BOOK: Charity Girl by Michael Lowenthal (2007)

Here’s something from United States history I had never heard before: during World War I, the U.S. government arrested over 20,000 women suspected of spreading STDs to American soldiers. Of those arrested, over 13,000 tested positive and were held against their will for months at a time. They were not allowed to contact their families — not even to let their mothers know they were still alive. To friends and family left behind, they had simply vanished into thin air.

Even worse, they were threatened with legal action, but never actually given lawyers or taken before a judge. Instead, for months or even years, they were subjected to brutal and humiliating medical treatments, as well as the open disdain of many of the men and women put in charge of “helping” them. Though many of the women held contracted their STDs from the very soldiers they themselves were accused of infecting, the men suffered no sanctions whatsoever — it was always assumed the women were to blame. Arrested on dubious charges (in some cases, women were picked up and carted off merely for wearing a dress someone found too “provocative” in an area where there happened to be soldiers stationed), held without legal proceedings, and subjected to humiliation-based abuse — gee, sounds kind of familiar, doesn’t it?

And it is that undercurrent of modern-day relevancy that makes this novel all the more compelling. It tells the fictional-but-based-on-fact story of a young woman, 17 year-old Frieda, who ran away from home after her oppressive mother attempted to marry her off to a man twice her age. Frieda hits the big city and quickly gets a job at a local department store, wrapping parcels for customers of the ladies undergarments section. Many of the women Frieda meets and befriends are what were called “charity girls” at the time. Young and often more than a bit naive, charity girls would trade their attentions and affections to men for gifts or entrance fees to local dances. They weren’t prostitutes, exactly — not promising sex for money, but instead offered their company and perhaps a kiss or quick feeling-up for jewelry, meals, or evenings out. In war-time, poverty was fierce, and these young girls just wanted to be able to continue to enjoy some of the niceties of life.  It seemed, to them, a small price to pay for some happiness.  Though Frieda isn’t quite a charity girl herself as the story opens, she’s begun flirting with it, and when she meets a charming young soldier named Felix, it doesn’t end up taking much for him to successfully seduce her.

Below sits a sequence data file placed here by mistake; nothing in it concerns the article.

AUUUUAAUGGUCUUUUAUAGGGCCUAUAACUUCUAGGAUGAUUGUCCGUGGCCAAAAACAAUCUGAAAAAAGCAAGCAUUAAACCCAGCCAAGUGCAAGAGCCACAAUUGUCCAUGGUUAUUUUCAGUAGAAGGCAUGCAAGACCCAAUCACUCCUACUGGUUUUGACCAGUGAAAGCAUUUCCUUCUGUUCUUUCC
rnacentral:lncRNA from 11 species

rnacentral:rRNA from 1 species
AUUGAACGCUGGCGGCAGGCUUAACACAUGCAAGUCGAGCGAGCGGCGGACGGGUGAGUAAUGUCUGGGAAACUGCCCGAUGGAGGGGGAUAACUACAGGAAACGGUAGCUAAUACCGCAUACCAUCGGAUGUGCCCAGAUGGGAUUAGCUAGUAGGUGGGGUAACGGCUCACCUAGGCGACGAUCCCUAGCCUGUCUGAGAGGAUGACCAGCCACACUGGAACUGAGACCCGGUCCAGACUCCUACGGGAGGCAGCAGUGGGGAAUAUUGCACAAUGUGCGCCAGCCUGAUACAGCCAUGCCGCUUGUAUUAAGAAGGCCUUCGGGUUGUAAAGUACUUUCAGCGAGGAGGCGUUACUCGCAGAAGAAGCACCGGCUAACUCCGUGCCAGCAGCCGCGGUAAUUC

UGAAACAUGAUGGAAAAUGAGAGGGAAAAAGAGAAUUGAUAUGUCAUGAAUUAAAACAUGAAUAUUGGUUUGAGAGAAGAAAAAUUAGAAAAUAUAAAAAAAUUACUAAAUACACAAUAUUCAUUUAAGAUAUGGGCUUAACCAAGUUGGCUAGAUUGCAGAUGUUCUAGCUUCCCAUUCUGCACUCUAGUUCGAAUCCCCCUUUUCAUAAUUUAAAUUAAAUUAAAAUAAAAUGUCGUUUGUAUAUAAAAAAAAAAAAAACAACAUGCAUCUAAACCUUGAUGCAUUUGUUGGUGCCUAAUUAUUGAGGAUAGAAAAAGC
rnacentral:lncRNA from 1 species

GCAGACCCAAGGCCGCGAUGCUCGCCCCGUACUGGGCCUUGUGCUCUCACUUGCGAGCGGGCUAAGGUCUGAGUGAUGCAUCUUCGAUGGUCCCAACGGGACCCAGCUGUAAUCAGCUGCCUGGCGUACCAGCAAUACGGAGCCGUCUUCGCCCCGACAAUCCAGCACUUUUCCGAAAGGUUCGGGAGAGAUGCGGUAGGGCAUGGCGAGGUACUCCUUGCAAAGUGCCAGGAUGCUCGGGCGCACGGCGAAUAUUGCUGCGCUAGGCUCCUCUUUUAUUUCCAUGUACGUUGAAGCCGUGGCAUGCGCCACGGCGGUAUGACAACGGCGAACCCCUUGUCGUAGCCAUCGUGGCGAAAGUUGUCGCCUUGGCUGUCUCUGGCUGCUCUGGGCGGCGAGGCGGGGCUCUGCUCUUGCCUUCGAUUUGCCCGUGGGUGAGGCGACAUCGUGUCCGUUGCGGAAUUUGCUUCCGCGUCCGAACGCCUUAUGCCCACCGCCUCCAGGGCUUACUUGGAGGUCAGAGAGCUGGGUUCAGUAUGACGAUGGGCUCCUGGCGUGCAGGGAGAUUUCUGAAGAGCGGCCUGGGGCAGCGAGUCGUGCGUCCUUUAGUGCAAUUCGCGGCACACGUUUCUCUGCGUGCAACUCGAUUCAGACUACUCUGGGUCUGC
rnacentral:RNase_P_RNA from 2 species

Felix disappears, and a few weeks later, Frieda is greeted at work by a stern woman who tells her Felix has tested positive for an STD and the government knows Frieda is to blame for it. She threatens Frieda, but doesn’t end up taking her away — not yet. Nevertheless, Frieda’s boss knows who the woman is and what she does, and he wastes no time in firing Frieda, leaving her starving and penniless within a few short weeks. Desperate, Frieda scrapes together enough money for a train ticket, and heads off in search of Felix, who has written her promising to help if he can.

On her way to the base, though, Frieda is tricked into trusting another young soldier who claims to know Felix and offers to take her to him. Instead, he forces her into an abandoned building and attempts to rape her. Just as she has finished fighting him off, however, she is grabbed by another man who is convinced she’s there to prostitute herself to the first soldier she lays eyes on. He takes her to an old brothel that has been converted into one of the aforementioned detention centers for STD-positive women. And so her months of agony begin.

This is a truly shocking tale, made all the more horrific not only by the fact this actually happened, but by the fact most of us, I’d wager, are completely UNAWARE this ever happened. And while I will say I didn’t think this novel was particularly well-written, nor did I find the characters terribly three-dimensional, the content of the story itself is what makes it a book not to be missed. Stick this one on your list, everyone. You should know about this. Recommended!


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